Police and forensic experts recover bodies from the desert
Gun battles between suspected drug gang members and troops have left 21 people dead in northern Mexico, police say.
The violence began when gunmen dragged nine people, including police, out of their homes in a farming town in Chihuahua state and shot six of them.
Troops pursued the attackers through the desert, exchanging fire that left 15 people, including one soldier, dead.
In another incident, armed men broke into a prison in the state of Coahuila, killing three inmates before escaping.
State prosecutors said the eight heavily armed men forced their way into the jail in the city of Torreon on Monday, singled the three prisoners out, beat them to death and then set their bodies on fire.
Before fleeing, the assailants freed nine other inmates.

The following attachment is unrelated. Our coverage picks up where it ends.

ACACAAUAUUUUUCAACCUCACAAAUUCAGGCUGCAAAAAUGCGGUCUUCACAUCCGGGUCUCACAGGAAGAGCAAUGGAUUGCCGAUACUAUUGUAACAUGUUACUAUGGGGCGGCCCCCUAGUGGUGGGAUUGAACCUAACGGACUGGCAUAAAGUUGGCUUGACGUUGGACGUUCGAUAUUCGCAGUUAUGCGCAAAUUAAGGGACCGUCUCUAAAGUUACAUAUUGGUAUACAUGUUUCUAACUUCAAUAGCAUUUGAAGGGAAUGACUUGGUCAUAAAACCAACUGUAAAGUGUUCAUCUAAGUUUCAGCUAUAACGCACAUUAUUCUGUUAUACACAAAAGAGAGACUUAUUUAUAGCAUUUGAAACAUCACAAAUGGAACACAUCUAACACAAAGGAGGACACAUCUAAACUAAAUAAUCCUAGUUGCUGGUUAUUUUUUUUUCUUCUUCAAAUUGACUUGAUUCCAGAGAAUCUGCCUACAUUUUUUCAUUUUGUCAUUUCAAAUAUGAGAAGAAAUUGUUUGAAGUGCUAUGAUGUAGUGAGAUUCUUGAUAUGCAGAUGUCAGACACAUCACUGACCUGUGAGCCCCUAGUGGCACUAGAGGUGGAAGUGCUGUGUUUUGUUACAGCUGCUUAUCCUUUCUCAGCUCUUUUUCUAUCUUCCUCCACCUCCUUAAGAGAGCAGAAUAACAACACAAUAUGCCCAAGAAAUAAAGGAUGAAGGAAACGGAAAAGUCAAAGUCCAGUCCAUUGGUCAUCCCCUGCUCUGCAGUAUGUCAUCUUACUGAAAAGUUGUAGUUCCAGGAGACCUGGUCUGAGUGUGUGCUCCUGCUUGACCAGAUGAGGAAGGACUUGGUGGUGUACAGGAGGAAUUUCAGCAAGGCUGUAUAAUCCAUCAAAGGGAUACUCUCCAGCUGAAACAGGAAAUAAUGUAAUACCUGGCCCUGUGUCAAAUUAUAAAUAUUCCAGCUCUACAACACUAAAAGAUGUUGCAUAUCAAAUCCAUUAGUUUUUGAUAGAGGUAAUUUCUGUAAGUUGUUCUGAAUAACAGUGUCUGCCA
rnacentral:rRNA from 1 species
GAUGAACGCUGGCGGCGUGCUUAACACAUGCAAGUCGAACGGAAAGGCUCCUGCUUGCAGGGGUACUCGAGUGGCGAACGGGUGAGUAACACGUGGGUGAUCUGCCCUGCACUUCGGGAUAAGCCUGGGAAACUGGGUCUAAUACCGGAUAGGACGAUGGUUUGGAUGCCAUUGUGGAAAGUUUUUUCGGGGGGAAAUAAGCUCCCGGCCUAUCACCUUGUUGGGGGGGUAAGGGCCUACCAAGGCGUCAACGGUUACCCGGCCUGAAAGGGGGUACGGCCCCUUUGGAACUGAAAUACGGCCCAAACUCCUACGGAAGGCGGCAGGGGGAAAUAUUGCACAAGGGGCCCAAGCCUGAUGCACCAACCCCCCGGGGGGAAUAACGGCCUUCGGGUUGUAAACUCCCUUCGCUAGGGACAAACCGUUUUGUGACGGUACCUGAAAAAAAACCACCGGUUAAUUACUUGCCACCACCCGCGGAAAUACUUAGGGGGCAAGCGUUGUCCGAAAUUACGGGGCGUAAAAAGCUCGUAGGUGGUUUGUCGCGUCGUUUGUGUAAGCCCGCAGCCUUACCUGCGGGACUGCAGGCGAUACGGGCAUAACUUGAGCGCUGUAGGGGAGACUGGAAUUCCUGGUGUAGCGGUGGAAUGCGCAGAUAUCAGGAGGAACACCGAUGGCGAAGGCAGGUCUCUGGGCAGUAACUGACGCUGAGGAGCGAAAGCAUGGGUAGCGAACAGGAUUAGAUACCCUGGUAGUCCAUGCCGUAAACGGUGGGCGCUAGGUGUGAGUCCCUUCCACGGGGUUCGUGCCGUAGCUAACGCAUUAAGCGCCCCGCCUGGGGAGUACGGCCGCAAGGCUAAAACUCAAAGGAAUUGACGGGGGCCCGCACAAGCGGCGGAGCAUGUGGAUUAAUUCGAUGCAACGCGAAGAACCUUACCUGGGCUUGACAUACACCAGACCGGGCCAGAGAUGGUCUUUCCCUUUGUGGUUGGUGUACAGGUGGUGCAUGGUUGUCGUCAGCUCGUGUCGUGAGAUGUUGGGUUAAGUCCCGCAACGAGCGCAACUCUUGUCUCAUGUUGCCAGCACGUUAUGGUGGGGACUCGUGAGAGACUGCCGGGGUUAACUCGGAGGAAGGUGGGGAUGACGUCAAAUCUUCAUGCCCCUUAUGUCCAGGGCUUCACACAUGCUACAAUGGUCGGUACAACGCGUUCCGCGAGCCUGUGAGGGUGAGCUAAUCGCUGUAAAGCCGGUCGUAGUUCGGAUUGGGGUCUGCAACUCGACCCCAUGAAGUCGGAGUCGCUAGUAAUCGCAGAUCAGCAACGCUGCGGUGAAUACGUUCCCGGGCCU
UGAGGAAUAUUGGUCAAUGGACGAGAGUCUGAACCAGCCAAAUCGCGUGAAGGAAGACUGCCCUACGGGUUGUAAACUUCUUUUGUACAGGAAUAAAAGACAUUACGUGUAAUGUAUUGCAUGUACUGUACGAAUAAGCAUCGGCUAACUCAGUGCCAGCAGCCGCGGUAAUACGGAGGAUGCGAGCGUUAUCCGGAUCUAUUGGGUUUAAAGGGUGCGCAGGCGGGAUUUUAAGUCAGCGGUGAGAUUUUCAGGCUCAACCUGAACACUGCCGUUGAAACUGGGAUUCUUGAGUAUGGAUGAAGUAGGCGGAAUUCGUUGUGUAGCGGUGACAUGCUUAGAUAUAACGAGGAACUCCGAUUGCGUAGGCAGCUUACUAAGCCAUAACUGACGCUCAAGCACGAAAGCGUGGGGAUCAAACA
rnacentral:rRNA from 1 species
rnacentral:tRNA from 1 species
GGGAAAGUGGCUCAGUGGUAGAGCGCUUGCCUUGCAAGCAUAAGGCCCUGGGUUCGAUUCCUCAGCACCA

The men who were killed had been transferred to the prison just a couple of hours before the attack and were being held on kidnapping and murder charges.
Mexico has seen drug-related violence soar since President Felipe Calderon began deploying some 40,000 troops in December 2006 to tackle the drug gangs.
Last year saw more than 5,600 drug-related murders as traffickers fought federal forces and among themselves.
One of the worst-affected areas has been Chihuahua state, where Tuesday's shootout happened.
Suspected drug gang members arrived in Villa Ahumada, a farming town some 130km (80 miles) south of the violence-hit city of Juarez on the US-Mexico border and seized nine people.
Six of the hostages were then shot dead. On hearing the shots, soldiers quickly arrived on the scene and gave chase.
In the gun battles that followed, 14 of the suspected attackers and one soldier was killed.
"The bodies were strewn across the desert," said army spokesman Eduardo Torres.
People in Villa Ahumada said they saw a convoy of vehicles drive through the town before dawn on Tuesday, while some later heard shots.
"People are really afraid of a revenge attack by hitmen after this violence," a local man told Reuters.
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